"We provide a great outlet for students and members of the community to relieve stress while interacting with nature and the food supply chain. It allows our volunteers the opportunity to grow and take home produce they normally wouldn’t be able to while giving all the excess to Atlanta area food banks," said Edwards.

    During the workday, volunteers helped prepare a section of the garden for the future planting of blueberry bushes. "By doing this, we aren’t just beautifying a section of campus but providing a food resource for all of the creatures that roam Emory’s campus, which includes the people," Edwards said. This was the first time Edwards hosted a project with Emory Cares. He sees it as a chance to interact with the alumni community.

    "Emory Cares gives us an opportunity to engage with Emory outside of our normal working relationships. We also can interact with other members of the Emory community we normally would not have a chance to interact with."

    Less than two miles from the Mercedes-Benz Stadium in the center of Atlanta, there’s a small urban farm with the goal of using food as a bridge between cultures.

    "The Truly Living Well Center for Urban Agriculture represents values that are important to me and to the Emory Alumni Environmental Network," said Amy Hou 15Ox 17C, who lead a project at the farm during National Volunteer Week.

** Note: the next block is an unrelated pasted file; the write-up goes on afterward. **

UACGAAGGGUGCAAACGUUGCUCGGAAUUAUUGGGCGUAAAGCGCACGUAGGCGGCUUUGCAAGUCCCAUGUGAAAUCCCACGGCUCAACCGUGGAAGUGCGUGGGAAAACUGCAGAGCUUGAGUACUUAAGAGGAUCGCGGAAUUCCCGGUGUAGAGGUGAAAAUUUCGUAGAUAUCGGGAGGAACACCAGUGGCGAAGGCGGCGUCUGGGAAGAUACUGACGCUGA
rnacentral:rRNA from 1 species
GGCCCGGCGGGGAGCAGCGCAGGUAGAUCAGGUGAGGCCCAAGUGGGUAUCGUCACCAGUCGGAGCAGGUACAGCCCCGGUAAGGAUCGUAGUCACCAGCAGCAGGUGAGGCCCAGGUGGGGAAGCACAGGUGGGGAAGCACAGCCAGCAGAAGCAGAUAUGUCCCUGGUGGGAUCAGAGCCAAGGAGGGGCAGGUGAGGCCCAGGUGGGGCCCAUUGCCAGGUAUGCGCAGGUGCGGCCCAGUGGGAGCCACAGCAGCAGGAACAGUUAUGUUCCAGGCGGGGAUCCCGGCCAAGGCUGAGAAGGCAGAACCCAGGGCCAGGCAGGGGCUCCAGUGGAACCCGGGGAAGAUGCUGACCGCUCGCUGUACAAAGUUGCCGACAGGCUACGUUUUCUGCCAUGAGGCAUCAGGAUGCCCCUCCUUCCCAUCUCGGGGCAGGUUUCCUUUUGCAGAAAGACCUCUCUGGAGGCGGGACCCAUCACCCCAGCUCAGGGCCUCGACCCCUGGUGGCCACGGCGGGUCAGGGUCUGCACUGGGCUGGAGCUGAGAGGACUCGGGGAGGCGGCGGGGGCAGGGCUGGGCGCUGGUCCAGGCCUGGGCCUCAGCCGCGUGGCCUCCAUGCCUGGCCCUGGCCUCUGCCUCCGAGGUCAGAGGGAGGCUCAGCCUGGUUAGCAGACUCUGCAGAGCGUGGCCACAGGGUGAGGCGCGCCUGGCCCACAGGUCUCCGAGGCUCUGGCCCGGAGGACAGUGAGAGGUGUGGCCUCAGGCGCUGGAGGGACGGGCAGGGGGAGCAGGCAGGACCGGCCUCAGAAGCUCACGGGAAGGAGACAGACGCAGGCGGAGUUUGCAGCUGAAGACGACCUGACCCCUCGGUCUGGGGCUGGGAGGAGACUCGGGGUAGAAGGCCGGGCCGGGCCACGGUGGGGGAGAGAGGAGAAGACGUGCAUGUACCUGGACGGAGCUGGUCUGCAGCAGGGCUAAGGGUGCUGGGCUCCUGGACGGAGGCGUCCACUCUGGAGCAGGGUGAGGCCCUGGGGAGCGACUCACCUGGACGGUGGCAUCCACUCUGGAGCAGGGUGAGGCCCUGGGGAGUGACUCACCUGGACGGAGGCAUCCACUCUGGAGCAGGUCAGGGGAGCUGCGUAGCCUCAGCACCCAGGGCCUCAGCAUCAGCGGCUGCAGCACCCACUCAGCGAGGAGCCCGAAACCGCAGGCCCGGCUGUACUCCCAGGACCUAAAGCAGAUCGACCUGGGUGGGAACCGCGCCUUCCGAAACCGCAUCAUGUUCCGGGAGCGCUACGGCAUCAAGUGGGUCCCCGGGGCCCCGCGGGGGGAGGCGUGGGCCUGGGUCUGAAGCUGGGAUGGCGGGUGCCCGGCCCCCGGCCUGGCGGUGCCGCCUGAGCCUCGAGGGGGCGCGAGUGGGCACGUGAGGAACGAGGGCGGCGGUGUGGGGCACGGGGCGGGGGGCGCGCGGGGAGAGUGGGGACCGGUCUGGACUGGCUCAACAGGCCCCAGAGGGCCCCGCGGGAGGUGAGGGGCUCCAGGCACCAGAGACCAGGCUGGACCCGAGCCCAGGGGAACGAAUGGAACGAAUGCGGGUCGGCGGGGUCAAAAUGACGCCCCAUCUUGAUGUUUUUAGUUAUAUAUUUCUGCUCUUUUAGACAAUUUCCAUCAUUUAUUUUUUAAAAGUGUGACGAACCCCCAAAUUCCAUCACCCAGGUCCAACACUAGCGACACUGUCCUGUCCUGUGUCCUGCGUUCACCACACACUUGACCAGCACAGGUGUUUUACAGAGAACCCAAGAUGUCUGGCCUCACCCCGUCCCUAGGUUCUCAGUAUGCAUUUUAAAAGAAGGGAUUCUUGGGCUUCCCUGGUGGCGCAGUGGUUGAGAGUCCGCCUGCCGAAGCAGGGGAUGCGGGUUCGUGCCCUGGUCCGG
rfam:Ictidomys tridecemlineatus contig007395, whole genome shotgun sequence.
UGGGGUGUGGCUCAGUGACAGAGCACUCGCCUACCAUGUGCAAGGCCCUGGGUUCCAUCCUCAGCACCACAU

"Sustainability is about more than just environmental protection; it's also about environmental justice and ensuring that climate change and pollution don't disproportionately impact low-income communities and communities of color."

    Three people tending a garden.
    Volunteer tending a garden by using a shovel to holes to plant crops.

    Truly Living Well Center for Natural Urban Agriculture was established in 2006. The motivation was to provide a dependable source of fresh produce and connect the surrounding community with the land through education and training. The farm site produces fruit, vegetables, herbs, and flowers. The organization leans on the knowledge that the urbanization of the world means bringing farming to cities isn’t just a good idea—it’s vital.